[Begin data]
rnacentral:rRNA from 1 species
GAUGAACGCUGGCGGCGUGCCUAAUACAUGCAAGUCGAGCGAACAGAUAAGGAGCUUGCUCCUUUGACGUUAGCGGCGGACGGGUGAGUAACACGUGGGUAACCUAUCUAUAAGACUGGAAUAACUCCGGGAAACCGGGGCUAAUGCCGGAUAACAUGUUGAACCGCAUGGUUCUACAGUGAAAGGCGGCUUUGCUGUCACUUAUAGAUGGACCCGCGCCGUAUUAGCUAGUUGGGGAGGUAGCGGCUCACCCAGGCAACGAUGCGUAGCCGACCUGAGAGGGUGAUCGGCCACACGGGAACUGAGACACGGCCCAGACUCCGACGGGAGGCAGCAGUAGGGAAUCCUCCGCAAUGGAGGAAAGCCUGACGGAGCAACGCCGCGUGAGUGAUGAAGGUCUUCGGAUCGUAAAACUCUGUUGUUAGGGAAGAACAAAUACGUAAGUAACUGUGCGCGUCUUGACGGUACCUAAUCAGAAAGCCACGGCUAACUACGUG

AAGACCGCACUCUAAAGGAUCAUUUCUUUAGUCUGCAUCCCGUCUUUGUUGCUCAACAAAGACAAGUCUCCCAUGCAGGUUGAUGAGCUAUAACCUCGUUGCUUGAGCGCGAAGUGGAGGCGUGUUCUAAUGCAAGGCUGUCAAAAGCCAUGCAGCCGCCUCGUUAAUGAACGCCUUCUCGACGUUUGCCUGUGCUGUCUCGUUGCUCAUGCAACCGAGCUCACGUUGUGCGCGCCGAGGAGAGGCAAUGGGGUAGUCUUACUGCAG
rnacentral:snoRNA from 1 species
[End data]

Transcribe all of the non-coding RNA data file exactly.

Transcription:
rnacentral:rRNA from 1 species
GAUGAACGCUGGCGGCGUGCCUAAUACAUGCAAGUCGAGCGAACAGAUAAGGAGCUUGCUCCUUUGACGUUAGCGGCGGACGGGUGAGUAACACGUGGGUAACCUAUCUAUAAGACUGGAAUAACUCCGGGAAACCGGGGCUAAUGCCGGAUAACAUGUUGAACCGCAUGGUUCUACAGUGAAAGGCGGCUUUGCUGUCACUUAUAGAUGGACCCGCGCCGUAUUAGCUAGUUGGGGAGGUAGCGGCUCACCCAGGCAACGAUGCGUAGCCGACCUGAGAGGGUGAUCGGCCACACGGGAACUGAGACACGGCCCAGACUCCGACGGGAGGCAGCAGUAGGGAAUCCUCCGCAAUGGAGGAAAGCCUGACGGAGCAACGCCGCGUGAGUGAUGAAGGUCUUCGGAUCGUAAAACUCUGUUGUUAGGGAAGAACAAAUACGUAAGUAACUGUGCGCGUCUUGACGGUACCUAAUCAGAAAGCCACGGCUAACUACGUG

AAGACCGCACUCUAAAGGAUCAUUUCUUUAGUCUGCAUCCCGUCUUUGUUGCUCAACAAAGACAAGUCUCCCAUGCAGGUUGAUGAGCUAUAACCUCGUUGCUUGAGCGCGAAGUGGAGGCGUGUUCUAAUGCAAGGCUGUCAAAAGCCAUGCAGCCGCCUCGUUAAUGAACGCCUUCUCGACGUUUGCCUGUGCUGUCUCGUUGCUCAUGCAACCGAGCUCACGUUGUGCGCGCCGAGGAGAGGCAAUGGGGUAGUCUUACUGCAG
rnacentral:snoRNA from 1 species